12 May 2010

New Lutheran Quote of the Day

I confess that I share the view of those that feel that world Lutheran ties are more important than American solidarity.  Quite apart from this, however, I have basic misgivings about the use of a three-year cycle of pericopes.  With the irregular attendance of many of our people at divine worship and with the general lack of preparation for the service on the part of many of the worshippers that do come, I feel that a three-year cycle or even a two-year cycle would mean that many of our people would in the end be less acquainted with the Sacred Scriptures than they are now.  -- A. C. Piepkorn, The Sacred Scriptures and the Lutheran Confessions, p. 13.

13 comments:

Anonymous said...

except, Pastor Weedon, Piepkorn wrote that a number of cycles ago and only regulars come to church today anyway and I have used the three year cycle already for roughly 35 years of my 40 year plus ministry... that's about twelve times through plus any overlapping of stories and textual parallels... I really think that the three year provision opened up so much more scripture that it is a blessing. I am not saying a one year lectionary is a curse but it may not be treating the people as a growing people and it may not offer the treat of more scripture. Even in the olden days when I started out we all ordered copies of Nespers *Biblical Texts* to have the Nitsch, Saxon, Hamburg, Wuettemberg, Thomasius, Hannover, Swedish, Eisenach, Lenski, Ranke, Fendt-Liefled-Owens, Synodical Conference and Soll sets of yearly readings as well as other texts for occasions and seasons. Historic stuff is nice and yet is not the historic stuff basically carried forward somehow in the three year set albeit not all in one year? Harvey Mozolak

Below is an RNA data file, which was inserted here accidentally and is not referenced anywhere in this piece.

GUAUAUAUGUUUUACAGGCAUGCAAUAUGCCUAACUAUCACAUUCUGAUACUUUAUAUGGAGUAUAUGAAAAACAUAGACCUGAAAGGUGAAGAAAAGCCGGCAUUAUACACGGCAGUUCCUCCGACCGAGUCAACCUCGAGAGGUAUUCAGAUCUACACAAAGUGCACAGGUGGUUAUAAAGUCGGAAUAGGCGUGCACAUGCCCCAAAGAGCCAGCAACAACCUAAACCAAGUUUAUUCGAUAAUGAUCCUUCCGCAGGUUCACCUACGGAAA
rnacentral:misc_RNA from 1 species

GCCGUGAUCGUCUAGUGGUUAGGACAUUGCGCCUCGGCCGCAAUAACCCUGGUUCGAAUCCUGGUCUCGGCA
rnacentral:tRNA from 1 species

William Weedon said...

Ah, Harvey! I knew that one would rouse some!!!

As a devoted practitioner of the historic series, I'd argue that it's benefits outweigh its defects; and that for the three year the reverse is true (which I did use for the first six years of my ministry). I have no doubt that someone like you who has faithfully through these years proclaimed the Word of God using the three year series exploited those benefits to the max in the service of God's holy people. Yet, I think Loehe was right when he said in Three Books that we better serve our people by grounding the people in a basic set of texts from which we can teach the entire revelation.

Christopher Esget said...

Amen, amen, and amen.

Past Elder said...

OK I'm roused. On top of everything PW and Piepkorn says, up until within my ruddy lifetime the "one-tear" lectionary WAS the lectionary for Judas' sake at the bimah -- that is until (Pastor Yount Alert: here it comes) the revisionist liturgical wing of the historical-critical movement dreamed up a three-year lectionary to tone down the miracle stories, which probably never happened anyway in their mindset, to emphasis "more of Scripture" ie moral teaching and got the bleeder through at Vatican II to break the continuity of hundreds of years of preaching and teaching, which thereupon became the common property of all the heterodox churches as they ecumenically stumble, stagger and barf towards unity as the reunited Whore of Babylon.

Great Judas at the tebah -- for our Sephardic friends, or at least mine -- there is no known three-year cycle to anything except in the fevered minds of scholars needing something to publish, and the whole thing was tried hundreds of years ago in the synagogue and gave way to an annual cycle of parashot now universal except, as with us, among revisionist descendants of Romantic hallucinations of some pristine lost age.